Acetyl L-Carnitine (ALCAR) is a compound that slows down the aging of mitochondria, it may also lessen the effects of disease [1].

Increasing the effectiveness of mitochondria in cells can have a whole host of positive effects on the body. Including cognitive function, physical performance, and increased metabolism and fat burning.

ALCAR is often used to fight chronic fatigue, but it could be equally effective at combating regular fatigue. For this reason ALCAR is often used in pre-workout and top weight loss supplements to perk up tired athletes and gym rats.

L-Carnitine is found in red meat, but it can also be found in white meat, fish, and dairy products (but in much lower amounts).

Because of this many vegetarians and vegans find themselves to be deficient.

This is where supplementation can come in handy.

Evidence Backed Benefits of Acetyl L-Carnitine

There are quite a few benefits to supplementing with ALCAR, however it should be noted that a lot of these benefits may only be seen in the elderly or in people who are deficient due to diet.

That does not mean that healthy, young people can’t still see those benefits – just that more studies are done on the elderly.

Benefit #1. Reduction in Muscle Damage

After a workout you can expect some stiffness in your muscles, and most people will have experienced the dreaded DOMS (Delayed Onset Muscle Soreness). This happens due to muscle damage, which is where muscle fibres are broken down and become inflamed.

Muscle damage is necessary for you to gain muscle size or strength, but too much (particularly when you are starting out) can hinder progress.

If you are in agony for three or four days after a workout then you will not be able to train effectively, in fact most people won’t be able to train at all. Luckily ALCAR supplementation may be the answer, a 2002 study found that taking 2g of L-Carnitine per day led to reduced muscle damage after a weight lifting session [2].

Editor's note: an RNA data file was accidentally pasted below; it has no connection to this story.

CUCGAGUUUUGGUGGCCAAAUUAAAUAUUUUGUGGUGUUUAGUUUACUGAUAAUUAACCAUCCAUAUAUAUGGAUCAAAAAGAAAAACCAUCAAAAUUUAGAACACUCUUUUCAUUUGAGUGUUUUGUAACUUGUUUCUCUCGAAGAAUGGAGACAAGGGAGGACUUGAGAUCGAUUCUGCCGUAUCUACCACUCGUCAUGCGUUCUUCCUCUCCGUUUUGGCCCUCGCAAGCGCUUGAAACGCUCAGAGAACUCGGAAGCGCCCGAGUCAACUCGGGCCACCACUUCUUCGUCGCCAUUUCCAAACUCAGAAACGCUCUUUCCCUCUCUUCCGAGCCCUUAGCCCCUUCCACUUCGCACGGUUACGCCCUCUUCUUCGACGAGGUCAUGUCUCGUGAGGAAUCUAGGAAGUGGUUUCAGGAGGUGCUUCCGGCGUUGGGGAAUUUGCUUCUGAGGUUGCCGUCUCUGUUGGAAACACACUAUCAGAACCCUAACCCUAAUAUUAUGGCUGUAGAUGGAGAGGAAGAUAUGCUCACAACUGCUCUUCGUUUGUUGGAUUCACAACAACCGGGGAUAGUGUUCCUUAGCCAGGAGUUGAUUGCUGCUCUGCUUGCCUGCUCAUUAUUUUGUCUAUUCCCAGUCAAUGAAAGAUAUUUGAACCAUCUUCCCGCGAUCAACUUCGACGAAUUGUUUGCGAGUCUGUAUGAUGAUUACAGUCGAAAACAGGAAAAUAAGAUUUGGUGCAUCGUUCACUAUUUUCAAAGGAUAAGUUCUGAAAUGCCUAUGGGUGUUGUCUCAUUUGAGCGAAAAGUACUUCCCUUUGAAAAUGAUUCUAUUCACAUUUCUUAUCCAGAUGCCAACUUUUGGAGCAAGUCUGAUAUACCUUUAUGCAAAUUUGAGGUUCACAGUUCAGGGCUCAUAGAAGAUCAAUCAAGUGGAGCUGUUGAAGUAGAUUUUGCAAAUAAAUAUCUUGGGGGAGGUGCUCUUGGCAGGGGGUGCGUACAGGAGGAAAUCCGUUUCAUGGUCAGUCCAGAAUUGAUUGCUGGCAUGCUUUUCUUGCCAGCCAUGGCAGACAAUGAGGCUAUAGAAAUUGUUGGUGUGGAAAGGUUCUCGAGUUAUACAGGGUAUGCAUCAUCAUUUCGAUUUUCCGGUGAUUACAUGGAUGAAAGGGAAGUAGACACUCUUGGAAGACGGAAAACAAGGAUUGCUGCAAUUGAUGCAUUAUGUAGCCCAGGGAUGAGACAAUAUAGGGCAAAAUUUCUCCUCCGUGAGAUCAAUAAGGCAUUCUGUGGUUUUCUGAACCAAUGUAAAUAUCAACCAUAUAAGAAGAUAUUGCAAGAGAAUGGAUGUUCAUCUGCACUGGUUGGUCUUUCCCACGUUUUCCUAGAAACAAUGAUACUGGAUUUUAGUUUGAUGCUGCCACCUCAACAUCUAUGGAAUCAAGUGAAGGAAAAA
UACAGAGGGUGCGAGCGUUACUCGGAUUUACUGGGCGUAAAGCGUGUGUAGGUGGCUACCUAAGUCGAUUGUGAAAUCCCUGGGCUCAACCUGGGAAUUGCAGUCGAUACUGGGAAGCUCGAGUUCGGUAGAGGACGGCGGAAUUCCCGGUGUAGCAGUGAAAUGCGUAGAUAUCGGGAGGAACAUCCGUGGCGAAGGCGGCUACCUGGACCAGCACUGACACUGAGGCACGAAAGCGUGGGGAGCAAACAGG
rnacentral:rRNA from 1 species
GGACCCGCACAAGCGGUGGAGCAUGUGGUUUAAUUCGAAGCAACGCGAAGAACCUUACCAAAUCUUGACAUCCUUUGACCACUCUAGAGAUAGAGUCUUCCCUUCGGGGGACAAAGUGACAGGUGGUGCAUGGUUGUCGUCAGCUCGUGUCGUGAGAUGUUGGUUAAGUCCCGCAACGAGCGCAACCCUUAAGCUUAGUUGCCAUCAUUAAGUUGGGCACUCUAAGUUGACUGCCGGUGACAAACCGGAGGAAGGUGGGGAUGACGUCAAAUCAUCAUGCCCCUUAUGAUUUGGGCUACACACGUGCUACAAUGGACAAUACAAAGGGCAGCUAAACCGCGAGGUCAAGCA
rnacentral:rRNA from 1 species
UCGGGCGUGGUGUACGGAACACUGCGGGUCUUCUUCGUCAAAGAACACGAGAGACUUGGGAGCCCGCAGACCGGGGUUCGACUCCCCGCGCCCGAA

Based on this new knowledge, find yourself a post-workout supplement that contains L-Carnitine (and more) to fight muscle soreness and optimize muscle gains.

Benefit #2. Reduction in Fatigue

There are two forms of fatigue, physical and mental. When you are chronically fatigued you are usually suffering from both. Mental fatigue can affect cognitive ability, mood, and decision making, while physical fatigue can reduce movement and lead to weight gain.

A 2007 that looked into L-Carnitine supplementation found that it significantly reduced signs of both physical and mental fatigue [3].

Benefit #3. May Reduce Body Fat and Increase Muscle Mass

This last benefit is based around the same study as we just looked at [3]. It found that the participants who took L-Carnitine lost body fat and gained muscle. Pretty conclusive. But it is important to point out that the study was done on centenarians.

While this does not mean that muscle gains and body fat losses will not occur in younger men, it is worth pointing out just how different a 100 year old man and a 22 year old bodybuilder are.

If you’re still on the fence, at least consuming a supplement that contains L-Carnitine with be an added benefit, without spending the extra dollars buying the ingredient separately.

Conclusion

ALCAR seems to be a decent supplement ingredient that is well worth buying, particularly if you are new to training. Its effect on muscle damage and fatigue alone make it worthwhile, whether it helps with body fat loss and muscle gain remains to be seen. But think of it as an added bonus rather than a certainty.

References

[1] https://examine.com/supplements/l-carnitine/

[2] Volek, J., Kraemer, W., Rubin, M., Gomez, A., Ratamess, N., Gaynor, P. 2002. L-Carnitine L-Tartrate supplementation favourably affects markers of recovery from exercise stress. American Journal of Physiology, Endocrinology, & Metabolism 282(2): E474 – 82

[3] Malaguarnera, M., Cammalleri, L., Gargante, M., Vacante, M., Colonna, V., Motta, M. 2007. L-Carnitine treatment reduces severity of physical and mental fatigue and increases cognitive functions in centenarians: a randomized and controlled clinical trial. The American Journal of Clinical Nutrition 86(6): 1738-44

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